Thursday, 30 August 2007


Civil rights activist Reverend Jesse Jackson, Diane Abbott, Lee Jasper, Doreen Lawrence and many other key BME figures graced the Economics of Colour conference in Westminster last week.

The conference was part of the Economics of Colour five day tour which is being headed by Rev. Jackson up and down the UK. The event commemorated the 200th anniversary of the abolition of slavery conference whilst also launching Equanomics UK, a 1990 Trust initiative which is “committed to equality through economics”. The initiative aims to “strive to change the face of equalities and provide an even playing field for all deprived members of society, through combined efforts of the grassroots, the private sector, educational institutions and political organisations”.

The conference began with a presentation showing BME (black minority ethnic) key figures such as Nelson Mandela, Angela Davies, Gandhi, Maya Angelou, Tupac Shakur and Bob Marley – just to name a few. Each figure received a round of applause and cheers as the audience stood in admiration and pride.

Tony Benn, former MP and Cabinet Minister was the first to deliver a speech and he told the audience “treat people as you wish to be treated yourself,” he then went on to say that all the great religions teach us this.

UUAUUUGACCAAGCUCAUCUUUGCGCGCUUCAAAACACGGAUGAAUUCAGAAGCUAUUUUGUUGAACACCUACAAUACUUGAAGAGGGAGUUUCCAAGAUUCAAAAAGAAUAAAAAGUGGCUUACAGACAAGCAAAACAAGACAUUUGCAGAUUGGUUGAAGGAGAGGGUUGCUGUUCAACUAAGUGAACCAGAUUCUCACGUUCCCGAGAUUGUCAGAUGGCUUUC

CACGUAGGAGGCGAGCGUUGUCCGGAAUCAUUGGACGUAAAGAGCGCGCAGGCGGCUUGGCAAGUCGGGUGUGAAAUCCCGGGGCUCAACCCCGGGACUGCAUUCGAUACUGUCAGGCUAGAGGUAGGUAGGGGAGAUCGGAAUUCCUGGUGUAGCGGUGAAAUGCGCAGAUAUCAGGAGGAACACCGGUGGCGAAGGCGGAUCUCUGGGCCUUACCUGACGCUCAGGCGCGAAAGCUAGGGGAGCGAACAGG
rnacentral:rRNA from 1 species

Dipen Rajyaguru from the Hindu Council UK urged that the BME community needed to “mobilise their votes” and Rajyguru called for unity in order for us to gain economic justice and empowerment.

Tahir Alam from the Muslim Council UK also called for unity and collaborative working.

Simon Woolley of Operation Black Vote declared “I am a proud descendant of a slave,” he then went on to say “to me they weren’t slaves that was my family”.

Diane Abbott who recently celebrated 20 years as an MP, touched on the issue of gang/gun crime and how it is not an issue specific to black youth but an issue that concerns disaffected, alienated poverty stricken youth. Abbott also discussed the failure of schools to black children and the desperate need for political and economical advancement of the BME community.

Rev. Jackson was last to speak and he delivered a gripping speech in which he informed the BME community that we must not “self-degrade”. The two times presidential candidate also said “in Britain we are not beggars and borrowers, we are buyers, menders, investors and builders” and we need to demand “economic power because we spend”.